Researchers at the USC Dornsife College of Letters, Arts and Sciences have discovered that a synthetic and commonly used laboratory chemical, mifepristone, can extend the life span of female fruit flies by 68 percent.
For several years, scientists have engineered fruit flies whose genes can be turned on and off by a synthetic hormone, allowing detailed studies of the effects of single genes on life span. Interestingly, many of the genes have close relatives in humans.
Researcher John Tower and Gary Landis grew suspicious of the hormone mifepristone that they and others were using to activate the genes. It is a synthetic chemical known to terminate pregnancy in humans. Previous studies have shown that reproduction shortens lifespan in flies and other organisms and so researchers wondered if the hormone they were using could be affecting reproduction in flies, and in turn their life span.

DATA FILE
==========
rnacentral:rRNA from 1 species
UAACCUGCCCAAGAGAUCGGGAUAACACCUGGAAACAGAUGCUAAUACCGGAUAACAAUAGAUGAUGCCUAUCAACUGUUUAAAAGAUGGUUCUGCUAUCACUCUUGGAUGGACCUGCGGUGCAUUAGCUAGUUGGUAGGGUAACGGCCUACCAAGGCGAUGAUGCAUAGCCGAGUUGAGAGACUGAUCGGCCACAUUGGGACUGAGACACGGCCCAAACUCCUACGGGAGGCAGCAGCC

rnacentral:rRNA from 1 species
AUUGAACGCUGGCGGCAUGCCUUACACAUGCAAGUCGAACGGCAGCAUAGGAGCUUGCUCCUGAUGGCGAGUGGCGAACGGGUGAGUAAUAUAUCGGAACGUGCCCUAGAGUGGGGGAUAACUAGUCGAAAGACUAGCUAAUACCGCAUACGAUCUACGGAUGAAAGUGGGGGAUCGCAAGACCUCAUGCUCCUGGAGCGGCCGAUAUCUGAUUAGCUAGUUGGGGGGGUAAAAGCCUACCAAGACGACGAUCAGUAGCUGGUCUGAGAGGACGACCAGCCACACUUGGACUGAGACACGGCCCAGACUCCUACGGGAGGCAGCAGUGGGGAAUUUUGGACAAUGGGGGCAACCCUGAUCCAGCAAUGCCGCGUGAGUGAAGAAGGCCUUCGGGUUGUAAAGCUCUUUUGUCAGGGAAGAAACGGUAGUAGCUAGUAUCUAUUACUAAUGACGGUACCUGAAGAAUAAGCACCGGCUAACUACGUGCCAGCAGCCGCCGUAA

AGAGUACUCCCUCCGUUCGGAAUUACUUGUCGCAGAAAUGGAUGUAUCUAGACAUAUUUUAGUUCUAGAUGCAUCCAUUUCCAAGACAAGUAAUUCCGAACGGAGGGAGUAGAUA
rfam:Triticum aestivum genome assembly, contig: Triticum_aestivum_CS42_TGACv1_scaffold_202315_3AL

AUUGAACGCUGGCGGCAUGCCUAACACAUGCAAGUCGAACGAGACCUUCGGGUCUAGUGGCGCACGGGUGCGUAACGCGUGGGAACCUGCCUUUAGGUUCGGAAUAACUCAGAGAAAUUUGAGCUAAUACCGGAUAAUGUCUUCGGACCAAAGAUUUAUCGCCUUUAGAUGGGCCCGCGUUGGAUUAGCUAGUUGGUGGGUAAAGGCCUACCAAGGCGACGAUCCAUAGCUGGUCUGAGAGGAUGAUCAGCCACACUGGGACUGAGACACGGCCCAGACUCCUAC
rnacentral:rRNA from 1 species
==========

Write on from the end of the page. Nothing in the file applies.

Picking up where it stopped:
They found that flies exposed to the hormone laid only half the usual amount of eggs and lived 68 percent longer, from a median age of 56 to 94 days. They also found that mifepristone had little or no effect on the life expectancy of female flies that had not mated, which had an even better overall survival rate and maximum lifespan.
Tower added, "This opens up a new line of inquiry for longevity studies, and identifies candidate genes and mechanisms for regulating the trade-off between reproduction and lifespan that may be shared with humans. It does, however, mean that their earlier longevity studies that relied on mifepristone as a gene switch will need to be reevaluated."
The findings are published online in the journal Aging.